Local Daughters of the American Revolution chapter is not only digging up history, they’re making it
Basehor You never know what the "Digging Divas" will turn up.
For Judy Ward of Tonganoxie, it was that her great-great-great-greatgrandfather was accused of stealing $30 and was dishonorably discharged from the Union army during the Civil War. Ward is among the many women to join one of the newest chapters of the Daughters of the American Revolution. The Ephraim Basehor Chapter of the DAR was established in April 2012 and was the first new DAR chapter in the state in 16 years.
Ward did research of her own to try to find her direct lineage to another grandfather who fought in the American Revolution when she joined the Ephraim Basehor Chapter two years ago. She is still hunting for proof to connect her to the grandfather she knows of, but she is now a member of the DAR because of the connection unearthed by the genealogists and researchers the local chapter affectionately calls the "Digging Divas."
"It's the hunt that's exciting," Ward said. "In some respects, you're kind of a trailblazer for everyone after you."
It was her four-times grandfather, Linzay Seacreas, who she learned through newspaper clippings had been dishonorably discharged from the Union Army that directly linked her to another family member in the Revolutionary War. Seacreas had found $30 in an outhouse and kept it for himself, only to later be accused of stealing it.
"When you get to digging, you never know what you'll find," Ward said.
The Ephraim Basehor Chapter of the DAR, consisting of 25 members from Basehor, Bonner Springs and Tonganoxie, is starting its second year full year as a chapter. In 2013, 3,906 women joined DAR chapters across the country, making it the biggest year for new membership in the 123-year history of the organization. Kansas now has 60 of its own chapters.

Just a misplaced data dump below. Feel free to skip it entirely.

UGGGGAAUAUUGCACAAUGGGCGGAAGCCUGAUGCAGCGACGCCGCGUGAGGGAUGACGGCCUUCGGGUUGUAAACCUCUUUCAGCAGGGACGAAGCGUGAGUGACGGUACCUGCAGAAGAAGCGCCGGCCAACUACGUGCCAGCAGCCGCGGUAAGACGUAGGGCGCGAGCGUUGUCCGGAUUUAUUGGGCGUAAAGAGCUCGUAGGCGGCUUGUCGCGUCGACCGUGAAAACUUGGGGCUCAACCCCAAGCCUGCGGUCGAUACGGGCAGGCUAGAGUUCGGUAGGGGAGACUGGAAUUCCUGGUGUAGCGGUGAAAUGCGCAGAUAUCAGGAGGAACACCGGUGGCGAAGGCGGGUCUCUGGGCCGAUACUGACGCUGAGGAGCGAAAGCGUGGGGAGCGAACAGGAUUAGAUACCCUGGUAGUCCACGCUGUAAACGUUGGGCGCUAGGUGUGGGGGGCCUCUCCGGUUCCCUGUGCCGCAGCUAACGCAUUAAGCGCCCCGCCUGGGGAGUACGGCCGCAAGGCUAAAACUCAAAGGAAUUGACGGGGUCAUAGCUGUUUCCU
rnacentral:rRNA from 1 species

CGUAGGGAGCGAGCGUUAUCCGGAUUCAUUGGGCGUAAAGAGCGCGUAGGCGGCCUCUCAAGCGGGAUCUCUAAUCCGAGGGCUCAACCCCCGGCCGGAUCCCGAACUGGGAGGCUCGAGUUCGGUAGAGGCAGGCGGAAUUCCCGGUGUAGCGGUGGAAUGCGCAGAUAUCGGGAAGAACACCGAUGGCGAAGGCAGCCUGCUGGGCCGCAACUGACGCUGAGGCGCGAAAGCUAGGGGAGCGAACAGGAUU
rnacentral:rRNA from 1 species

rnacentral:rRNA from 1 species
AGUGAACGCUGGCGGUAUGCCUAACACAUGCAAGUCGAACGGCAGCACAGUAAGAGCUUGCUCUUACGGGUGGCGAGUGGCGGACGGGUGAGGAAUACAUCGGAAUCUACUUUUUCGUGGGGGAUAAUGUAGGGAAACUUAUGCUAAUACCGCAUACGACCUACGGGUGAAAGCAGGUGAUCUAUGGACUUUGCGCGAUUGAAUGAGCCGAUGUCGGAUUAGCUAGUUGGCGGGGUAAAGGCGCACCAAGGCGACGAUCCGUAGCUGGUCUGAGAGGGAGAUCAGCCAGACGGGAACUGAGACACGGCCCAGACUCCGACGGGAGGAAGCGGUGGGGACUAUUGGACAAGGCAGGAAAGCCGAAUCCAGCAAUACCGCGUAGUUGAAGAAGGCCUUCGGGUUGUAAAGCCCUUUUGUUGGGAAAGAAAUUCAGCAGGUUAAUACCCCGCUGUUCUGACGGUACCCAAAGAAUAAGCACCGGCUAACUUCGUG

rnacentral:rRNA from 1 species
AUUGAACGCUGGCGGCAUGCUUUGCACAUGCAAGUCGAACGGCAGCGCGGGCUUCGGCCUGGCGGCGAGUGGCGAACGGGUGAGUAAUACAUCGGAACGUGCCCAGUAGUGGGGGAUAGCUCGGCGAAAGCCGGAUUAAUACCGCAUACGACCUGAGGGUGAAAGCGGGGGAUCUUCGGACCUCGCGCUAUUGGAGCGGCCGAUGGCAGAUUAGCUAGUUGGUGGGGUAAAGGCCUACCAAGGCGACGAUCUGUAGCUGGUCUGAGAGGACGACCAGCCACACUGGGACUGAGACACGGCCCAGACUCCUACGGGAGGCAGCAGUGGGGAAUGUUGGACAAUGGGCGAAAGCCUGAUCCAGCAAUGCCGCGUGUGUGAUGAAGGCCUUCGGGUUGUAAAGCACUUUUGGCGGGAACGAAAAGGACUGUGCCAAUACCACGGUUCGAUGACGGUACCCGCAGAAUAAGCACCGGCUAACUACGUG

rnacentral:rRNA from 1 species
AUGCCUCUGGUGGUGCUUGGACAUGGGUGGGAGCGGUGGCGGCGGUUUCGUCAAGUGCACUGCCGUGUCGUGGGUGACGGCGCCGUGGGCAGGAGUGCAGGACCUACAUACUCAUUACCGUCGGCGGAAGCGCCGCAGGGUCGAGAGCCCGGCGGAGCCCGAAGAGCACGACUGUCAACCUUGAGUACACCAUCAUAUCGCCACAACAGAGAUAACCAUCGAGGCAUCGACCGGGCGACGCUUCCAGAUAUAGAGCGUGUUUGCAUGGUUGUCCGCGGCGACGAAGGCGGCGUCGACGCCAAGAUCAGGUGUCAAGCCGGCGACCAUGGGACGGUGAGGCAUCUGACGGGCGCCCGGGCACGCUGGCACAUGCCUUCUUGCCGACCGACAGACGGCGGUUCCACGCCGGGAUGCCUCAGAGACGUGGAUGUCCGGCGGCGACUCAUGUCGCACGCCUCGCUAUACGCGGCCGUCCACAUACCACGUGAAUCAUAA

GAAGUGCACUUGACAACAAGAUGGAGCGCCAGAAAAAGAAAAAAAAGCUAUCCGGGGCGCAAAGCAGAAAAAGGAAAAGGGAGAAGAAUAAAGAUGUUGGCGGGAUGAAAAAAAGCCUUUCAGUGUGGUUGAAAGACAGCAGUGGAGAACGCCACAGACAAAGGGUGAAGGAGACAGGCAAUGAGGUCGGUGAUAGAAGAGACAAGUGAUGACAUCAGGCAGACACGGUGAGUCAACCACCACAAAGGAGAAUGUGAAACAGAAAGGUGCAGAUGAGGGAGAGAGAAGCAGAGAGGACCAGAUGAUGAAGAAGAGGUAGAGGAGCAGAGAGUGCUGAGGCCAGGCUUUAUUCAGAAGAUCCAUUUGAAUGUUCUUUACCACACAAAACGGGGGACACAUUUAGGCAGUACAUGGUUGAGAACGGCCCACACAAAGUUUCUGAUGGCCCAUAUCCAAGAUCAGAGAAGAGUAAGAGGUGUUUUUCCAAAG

Karen Meredith, the chapter's organizing regent, said the area communities of Basehor, Bonner Springs, Tonganoxie and even Kansas City, Kan., were missing their own local DAR chapter. Meredith, along with the 12 other charter members of the Ephraim Basehor Chapter, were all members of the Leavenworth DAR chapter.
So, in 2012, Meredith organized 16 members to begin the Ephraim Basehor Chapter. By the end of the chapter's first full year in 2013, the chapter had grown to 27 members. Meredith said they have three "junior" members who are under the age of 40, including one woman who is a college student.
The chapter has since hosted genealogy workshops and other events to recruit more members, specifically more young members.
"This is such a close group," Meredith said. "We like to have fun, and we like making a difference in the community."
In order to be a DAR, a woman must prove, through documentation, that she is directly related to someone who fought in the American Revolution. That long family line can seem daunting to new members, Meredith said, but the process of finding those direct connections is what makes the process fun.
"You never know where you're going to end up," Meredith said. "Everyone has a story to tell."